MassJester
04-03-2007, 07:45 PM
If we can stand Gone With the Wind and Al Jolson movies, I imagine SOTS should be ok in distribution.

2Xited4Disney
04-03-2007, 08:44 PM
Great post DJM!!!


but "(remember Cinderella w/Asian Price)".... The prince was asian????

ASilmser
04-03-2007, 08:56 PM
Great post DJM!!!


but "(remember Cinderella w/Asian Price)".... The prince was asian????

He was talking about the Wonderful World of Disney produciton of the Musical--with Whitney Houston.

thefirebuilds
04-04-2007, 04:23 PM
As Ronnie B and Fez Whatley point out, if they can put Dukes of Hazard on the TV there's no reason Disney they can't put this movie out.

djm99
04-04-2007, 05:33 PM
Great post DJM!!!


but "(remember Cinderella w/Asian Price)".... The prince was asian????

I apologize he was born in the Philippines. And to make this whole thing so much funnier the Prince had a black mother and a white father. Cinderella had two step sisters (one white and one black) - now this is multicultural at its best - but still not ONE black male.

miss missy
04-05-2007, 11:56 PM
Here's the Christian Willis site, which is full of information:

http://www.songofthesouth.net/

site not working

TheRustyScupper
04-06-2007, 09:40 AM
1) I am not a Politically Correct type of guy.
2) I see no reason for not releasing it.
3) A disclaimer or statement of fact should be good enough.


NOTE: The political correctness or sensitivity issues are more "imagined" than "real". There has NEVER been any organized or unorganized display of protest against SotS or any portion of it.

huge mickey fan
04-06-2007, 09:49 PM
I have been waiting a long time for this movie. I hope it comes out! As far as the whole racist concept, we as a country have to understand history so we don't repeat it. As sad as it is, in the late 1800's the African American population weren't highly educated and for the most part were slaves or workers on southern plantations. So Uncle Remus was based on historical fact. It isn't racism but history. I don't really see how this is anymore racist than Peter Pan. I mean think about the lost boys "hunting the red man". Then when the boys are caught and they are being held by the chief and they sing "What makes the red man red?" "What makes them say how?" Obvisicously this isn't how Native Americans talk or act. I would say that is more racist than Song of the South. Don't get me wrong I love Peter Pan but I am teaching my son that isn't real Indian culture just like I would teach him about history.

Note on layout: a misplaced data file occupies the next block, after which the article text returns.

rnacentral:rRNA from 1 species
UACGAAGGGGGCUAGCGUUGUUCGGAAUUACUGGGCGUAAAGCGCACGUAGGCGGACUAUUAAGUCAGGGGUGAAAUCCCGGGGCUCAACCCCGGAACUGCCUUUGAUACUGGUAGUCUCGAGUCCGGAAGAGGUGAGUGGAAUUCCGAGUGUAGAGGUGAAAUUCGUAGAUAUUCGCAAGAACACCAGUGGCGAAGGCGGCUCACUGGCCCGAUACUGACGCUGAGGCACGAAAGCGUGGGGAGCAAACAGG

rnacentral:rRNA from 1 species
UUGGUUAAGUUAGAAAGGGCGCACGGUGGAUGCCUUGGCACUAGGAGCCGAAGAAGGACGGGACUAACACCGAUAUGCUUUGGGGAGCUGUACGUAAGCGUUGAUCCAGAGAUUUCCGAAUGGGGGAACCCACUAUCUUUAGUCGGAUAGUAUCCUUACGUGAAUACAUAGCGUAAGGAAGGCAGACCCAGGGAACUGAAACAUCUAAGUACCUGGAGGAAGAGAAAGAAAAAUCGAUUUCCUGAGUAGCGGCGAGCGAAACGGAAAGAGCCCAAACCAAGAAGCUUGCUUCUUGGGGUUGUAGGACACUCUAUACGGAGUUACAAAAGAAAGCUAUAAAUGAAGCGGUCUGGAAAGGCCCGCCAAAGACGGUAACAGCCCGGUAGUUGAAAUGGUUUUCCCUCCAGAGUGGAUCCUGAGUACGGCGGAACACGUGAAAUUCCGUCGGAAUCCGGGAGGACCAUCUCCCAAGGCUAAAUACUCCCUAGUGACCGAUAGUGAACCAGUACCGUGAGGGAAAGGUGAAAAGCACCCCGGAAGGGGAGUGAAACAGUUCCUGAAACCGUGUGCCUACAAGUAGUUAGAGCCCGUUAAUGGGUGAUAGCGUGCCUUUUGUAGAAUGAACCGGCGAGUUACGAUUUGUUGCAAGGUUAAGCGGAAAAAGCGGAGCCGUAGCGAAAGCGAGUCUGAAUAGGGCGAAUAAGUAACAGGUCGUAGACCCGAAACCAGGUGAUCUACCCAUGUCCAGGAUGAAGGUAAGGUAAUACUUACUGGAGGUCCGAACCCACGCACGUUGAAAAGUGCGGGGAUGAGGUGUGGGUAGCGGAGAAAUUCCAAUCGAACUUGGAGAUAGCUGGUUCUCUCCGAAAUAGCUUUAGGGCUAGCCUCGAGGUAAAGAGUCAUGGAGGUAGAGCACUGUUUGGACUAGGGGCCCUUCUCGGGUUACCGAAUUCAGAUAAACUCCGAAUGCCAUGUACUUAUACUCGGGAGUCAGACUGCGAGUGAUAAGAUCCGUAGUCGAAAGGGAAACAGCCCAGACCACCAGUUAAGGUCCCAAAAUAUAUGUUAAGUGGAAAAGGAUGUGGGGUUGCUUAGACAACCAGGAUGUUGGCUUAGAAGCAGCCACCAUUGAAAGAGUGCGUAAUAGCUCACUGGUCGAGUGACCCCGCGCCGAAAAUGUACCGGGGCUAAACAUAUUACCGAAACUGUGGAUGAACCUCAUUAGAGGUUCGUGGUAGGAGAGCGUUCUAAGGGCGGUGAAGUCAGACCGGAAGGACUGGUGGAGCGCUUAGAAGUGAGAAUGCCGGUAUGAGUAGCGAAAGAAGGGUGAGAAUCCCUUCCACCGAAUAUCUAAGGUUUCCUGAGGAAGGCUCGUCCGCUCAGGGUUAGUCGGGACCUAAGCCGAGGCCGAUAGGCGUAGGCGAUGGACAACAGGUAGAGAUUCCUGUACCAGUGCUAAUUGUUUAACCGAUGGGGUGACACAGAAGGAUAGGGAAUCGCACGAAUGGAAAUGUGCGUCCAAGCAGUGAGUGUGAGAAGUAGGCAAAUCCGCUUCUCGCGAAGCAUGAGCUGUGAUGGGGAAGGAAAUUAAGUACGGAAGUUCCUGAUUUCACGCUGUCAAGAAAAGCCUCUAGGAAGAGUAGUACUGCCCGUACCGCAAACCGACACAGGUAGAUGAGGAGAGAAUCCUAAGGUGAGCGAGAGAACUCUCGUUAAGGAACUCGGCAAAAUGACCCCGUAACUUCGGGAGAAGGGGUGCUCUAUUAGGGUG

djm99
04-07-2007, 06:07 PM
I have been waiting a long time for this movie. I hope it comes out! As far as the whole racist concept, we as a country have to understand history so we don't repeat it. As sad as it is, in the late 1800's the African American population weren't highly educated and for the most part were slaves or workers on southern plantations. So Uncle Remus was based on historical fact. It isn't racism but history. I don't really see how this is anymore racist than Peter Pan. I mean think about the lost boys "hunting the red man". Then when the boys are caught and they are being held by the chief and they sing "What makes the red man red?" "What makes them say how?" Obvisicously this isn't how Native Americans talk or act. I would say that is more racist than Song of the South. Don't get me wrong I love Peter Pan but I am teaching my son that isn't real Indian culture just like I would teach him about history.

Although we might not agree on everything, hopefully we can agree that just because something is based off of historical fact it’s not racist. The mere facts of slavery are racist in general. Now before I start my rant, let me say, that I'm in total agreement on releasing this movie. I personal believe that the only way we can get past racism is to deal with it - confront it. Of course I don't speak for all black people, but I personally believe that in order to neutralize a stereotype it has to be reclaimed. Many are trying to hard to lock these things away, forget them away, not sharing our experiences with our kids, and trying to desperately to shut down anything that reminds us of this history. This (IMO) is why our youth is in such disarray – many have not clue where we’ve been, or where we come from, so they have no clue where to go (this is a whole new topic). Anyway, let me explain why I think this Movie will not make its way on DVD any time soon.